Ford is capitalizing on its decision to reject government bailout money in its latest advertising campaign.
The company, the only one of Detroit's "Big Three" to refuse the cash, puts owners in front of a mock press conference where they are peppered with questions as to why they bought a Ford.
In one spot, an F-150 truck owner identified as "Chris" is asked "Was buying American important to you?"
He replies, "I wasn't going to buy another car that was bailed out by our government. I was going to buy from a manufacturer that's standing on their own: win, lose, or draw.
"That's what America is about. It's taking the chance to succeed and understanding when you fail that you've got to pick yourself up and go back to work. Ford is that company for me."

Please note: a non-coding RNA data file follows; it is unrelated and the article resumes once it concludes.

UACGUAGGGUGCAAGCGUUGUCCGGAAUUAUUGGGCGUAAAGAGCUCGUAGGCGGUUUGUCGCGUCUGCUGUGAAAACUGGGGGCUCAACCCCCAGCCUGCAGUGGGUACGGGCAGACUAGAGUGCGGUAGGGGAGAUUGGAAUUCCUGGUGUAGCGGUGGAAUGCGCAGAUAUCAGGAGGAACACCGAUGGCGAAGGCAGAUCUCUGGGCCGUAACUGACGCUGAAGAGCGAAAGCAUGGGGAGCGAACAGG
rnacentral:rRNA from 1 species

Ford says Chris, and other drivers in its "Drive One" campaign, are genuine Ford owners and that their comments were unscripted.
The Obama administration pumped $80 billion into Chrysler and General Motors in 2009 as they declared bankruptcy. Both companies survived the crisis by restructuring and repaid a substantial part of the money.
The government estimates the final cost to taxpayers will be around $14 billion.
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